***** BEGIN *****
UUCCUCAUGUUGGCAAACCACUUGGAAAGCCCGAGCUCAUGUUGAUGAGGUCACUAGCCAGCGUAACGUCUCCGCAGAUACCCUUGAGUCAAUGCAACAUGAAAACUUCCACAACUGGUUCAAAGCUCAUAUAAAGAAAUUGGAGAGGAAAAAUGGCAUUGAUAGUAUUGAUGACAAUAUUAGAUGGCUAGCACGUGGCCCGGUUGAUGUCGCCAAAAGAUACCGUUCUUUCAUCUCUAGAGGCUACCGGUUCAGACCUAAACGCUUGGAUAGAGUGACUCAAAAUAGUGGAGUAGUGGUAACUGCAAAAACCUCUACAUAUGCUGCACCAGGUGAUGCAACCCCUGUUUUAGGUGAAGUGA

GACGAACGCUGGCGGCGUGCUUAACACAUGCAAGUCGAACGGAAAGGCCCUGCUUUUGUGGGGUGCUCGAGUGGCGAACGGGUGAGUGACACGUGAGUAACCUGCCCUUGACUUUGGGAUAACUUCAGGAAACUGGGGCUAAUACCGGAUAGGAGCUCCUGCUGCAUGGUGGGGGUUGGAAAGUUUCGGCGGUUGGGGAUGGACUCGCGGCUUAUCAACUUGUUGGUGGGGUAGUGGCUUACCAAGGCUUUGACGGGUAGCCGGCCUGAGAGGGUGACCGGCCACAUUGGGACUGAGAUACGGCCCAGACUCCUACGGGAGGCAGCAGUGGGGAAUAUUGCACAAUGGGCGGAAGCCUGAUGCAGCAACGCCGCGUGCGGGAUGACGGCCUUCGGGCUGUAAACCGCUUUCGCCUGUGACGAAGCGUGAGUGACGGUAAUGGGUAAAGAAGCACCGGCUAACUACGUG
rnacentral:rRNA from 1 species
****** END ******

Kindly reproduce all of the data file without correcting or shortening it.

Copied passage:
UUCCUCAUGUUGGCAAACCACUUGGAAAGCCCGAGCUCAUGUUGAUGAGGUCACUAGCCAGCGUAACGUCUCCGCAGAUACCCUUGAGUCAAUGCAACAUGAAAACUUCCACAACUGGUUCAAAGCUCAUAUAAAGAAAUUGGAGAGGAAAAAUGGCAUUGAUAGUAUUGAUGACAAUAUUAGAUGGCUAGCACGUGGCCCGGUUGAUGUCGCCAAAAGAUACCGUUCUUUCAUCUCUAGAGGCUACCGGUUCAGACCUAAACGCUUGGAUAGAGUGACUCAAAAUAGUGGAGUAGUGGUAACUGCAAAAACCUCUACAUAUGCUGCACCAGGUGAUGCAACCCCUGUUUUAGGUGAAGUGA

GACGAACGCUGGCGGCGUGCUUAACACAUGCAAGUCGAACGGAAAGGCCCUGCUUUUGUGGGGUGCUCGAGUGGCGAACGGGUGAGUGACACGUGAGUAACCUGCCCUUGACUUUGGGAUAACUUCAGGAAACUGGGGCUAAUACCGGAUAGGAGCUCCUGCUGCAUGGUGGGGGUUGGAAAGUUUCGGCGGUUGGGGAUGGACUCGCGGCUUAUCAACUUGUUGGUGGGGUAGUGGCUUACCAAGGCUUUGACGGGUAGCCGGCCUGAGAGGGUGACCGGCCACAUUGGGACUGAGAUACGGCCCAGACUCCUACGGGAGGCAGCAGUGGGGAAUAUUGCACAAUGGGCGGAAGCCUGAUGCAGCAACGCCGCGUGCGGGAUGACGGCCUUCGGGCUGUAAACCGCUUUCGCCUGUGACGAAGCGUGAGUGACGGUAAUGGGUAAAGAAGCACCGGCUAACUACGUG
rnacentral:rRNA from 1 species